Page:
On day three, our Programme Manager Jim Sells and experts from the world of sport and education provided a compelling case for the role of sport in raising literacy levels. Minaz Shaffi, a teacher at Shaftesbury Junior School and Leicester NEU's Young Educators' organiser said, “Cultural capital should be relatable and exciting.”
We also heard from our Head of Schools Programmes Fay Lant and a team of media experts and teachers who explored the importance of critical literacy in children taking ownership of their writing and navigating the news.
Roz Porter Tibbey, Assistant Headteacher at Grafton Primary School, pointed out that her delivery of NewsWise to her pupils has taught them that “They have a duty to be fair and a duty to be truthful”.
On day four, we were joined by our Research Manager (and audiophile) Emily Best and a panel of experts to explore the importance of audiobooks and podcasts in teachers’ literacy toolkits and their practical application in the classroom.
The conversation discussed this in-depth and Frank Serafini, Professor of Literacy Education at Arizona State University said, “Books have to be within arm’s reach to be accessible” and Carla Herbertson Head of International Audio Content from Zebralution highlighted the role that businesses can have in tackling low literacy levels.
Our Senior Project Manager Angus Woodhams and a panel of experts from the culture and education sector explored the role of meaningful experiences in enhancing writing quality. Beth Crosland, Senior Programme Manager at the Museum of London explained, “Cultural experiences help children find their voice and express themselves.”
Assistant Headteacher at Holmleigh Primary School, Margaret Boateng, who has engaged with our Young City Poets programme for five years, said of her pupils’ experience that "Getting up and performing poetry gives children wings".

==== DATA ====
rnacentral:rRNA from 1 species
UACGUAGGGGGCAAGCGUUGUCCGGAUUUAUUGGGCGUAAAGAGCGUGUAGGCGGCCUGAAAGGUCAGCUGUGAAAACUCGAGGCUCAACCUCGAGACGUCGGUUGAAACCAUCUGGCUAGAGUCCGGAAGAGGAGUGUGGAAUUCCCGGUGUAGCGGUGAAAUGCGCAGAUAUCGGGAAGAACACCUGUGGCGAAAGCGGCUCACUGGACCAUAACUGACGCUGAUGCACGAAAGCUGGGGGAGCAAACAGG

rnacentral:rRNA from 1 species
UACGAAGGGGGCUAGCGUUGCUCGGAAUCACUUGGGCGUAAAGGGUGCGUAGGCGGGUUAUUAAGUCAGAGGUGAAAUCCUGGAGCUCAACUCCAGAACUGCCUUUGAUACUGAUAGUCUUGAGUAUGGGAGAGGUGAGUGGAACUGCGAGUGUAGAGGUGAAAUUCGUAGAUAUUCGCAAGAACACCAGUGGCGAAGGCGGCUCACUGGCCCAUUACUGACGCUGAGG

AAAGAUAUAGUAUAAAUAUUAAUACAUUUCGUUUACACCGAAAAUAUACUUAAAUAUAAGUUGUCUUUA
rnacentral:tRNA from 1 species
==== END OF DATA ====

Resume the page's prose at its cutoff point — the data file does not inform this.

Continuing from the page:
We closed our conference with a brilliant finale on Saturday morning, chaired by our Head of Schools Programmes Tim Judge.
We first heard from Gabrielle Warren Media Director at Start2Finish, a charity based in Canada who have used a holistic approach to breaking the cycle of child poverty which focuses on literacy and physical fitness. Gabrielle introduced the D20 programme, based on the daily physical activity requirement of Ontario schools of 20 minutes a day.
Whereas our research has suggested that reading can have a positive benefit on wellbeing, Gabrielle’s programme outline is based on evidence that physical wellbeing also impacts literacy.
Karl Nova, winner of the 2020 Ruth Rendell Award, hip hop artist and poet, provided a powerful account of his journey to being a hip hop artist, how he learned to “Re-contextualise the idea of being an artist and marry it with education”.
Mark Johnson Deputy Head and English Lead at Staples Road Primary School provided a brilliant account of his implementation of IPEELL across the school. His focus was on Space Oddity by David Bowie and how he and his pupils’ used it to explore inference, letter writing and more.
To wrap the conference up, we returned to Karl Nova who compared the act of reading and writing to breathing in and out: “You can’t have one without the other”.
We are so grateful to all of our wonderful speakers and hope that those who attended got a lot out of the brilliant discussions.